A “benchmark report” on slot machines in Pennsylvania shows a 39.3% increase in purses paid at Thoroughbred and Standardbred racetracks from 2007 to 2008, but double-digit declines in total pari-mutuel handle during the same period.
The statistics, released April 29, also indicate that on-track live handle increased 6.7%, and gross revenue from slots at tracks was 11.1% higher on live racing days. There are six tracks with slots in the Keystone State, three for Thoroughbred racing and three for harness racing.
The Pennsylvania Gaming Control Board report, second of its kind, compares figures from 2006 and 2008 as well. The first gaming machines began operating in the fall of 2006.
“With three years worth of data, some trends are starting to emerge, including the fact that the horse and harness racing facilities are enjoying an increase in gaming revenue on days when live horse racing is conducted,” PGCB director of racetrack gaming Melinda Tucker said in a statement.
In 2008, average daily gross terminal revenue generated from slots at tracks was $625,598 on non-race days and $695,430 on race days. A study commissioned by Iowa gaming officials showed the same type of increase at Prairie Meadows Racetrack & Casino.
As for purses earned, the figure—Thoroughbred and harness racing combined—increased almost 40% from $144.3 million to $201.1 million from 2007 to 2008. Of the Thoroughbred tracks, Philadelphia Park Casino & Racetrack generated $41 million for the Pennsylvania Race Horse Development Fund; Hollywood Casino at Penn National Race Course, $21 million; and Presque Isle Downs & Casino, $20 million.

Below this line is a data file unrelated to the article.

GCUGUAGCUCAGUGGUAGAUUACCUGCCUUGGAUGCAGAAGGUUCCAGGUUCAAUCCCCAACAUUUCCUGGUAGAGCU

Harrah’s Chester Casino & Racetrack led the harness tracks with $39 million in funds for racing programs, followed by The Meadows Racetrack & Casino at $29 million, and Mohegan Sun at Pocono Downs at $22 million.
Mt. Airy resort, a slots casino in the Pocono Mountains, produced $21 million for horse racing in the state. Non-racing slots facilities contribute 6% of gross terminal revenue by law.
Total Thoroughbred handle, which includes imported signals, dropped 11.3% from $741.9 million in 2007 to $657.9 million in 2008. From 2006 to 2008, it dropped 15.3%. Total harness handle dropped 12% from 2007 to 2008, and 15.2% from 2006 to 2008.
Total race days in Pennsylvania increased by 11.8% from 838 in 2007 to 937 in 2008.
Gary Sojka, a PGCB member and agriculturalist, said the benchmark report helps gauge the progress of the 2004 law that authorized slots in Pennsylvania. “The improvement of our racing industry, spurred by the tremendous success of legalized slots gaming, has a direct impact on farmland preservation and a beneficial trickle-down on the entire agricultural community in the commonwealth,” he said.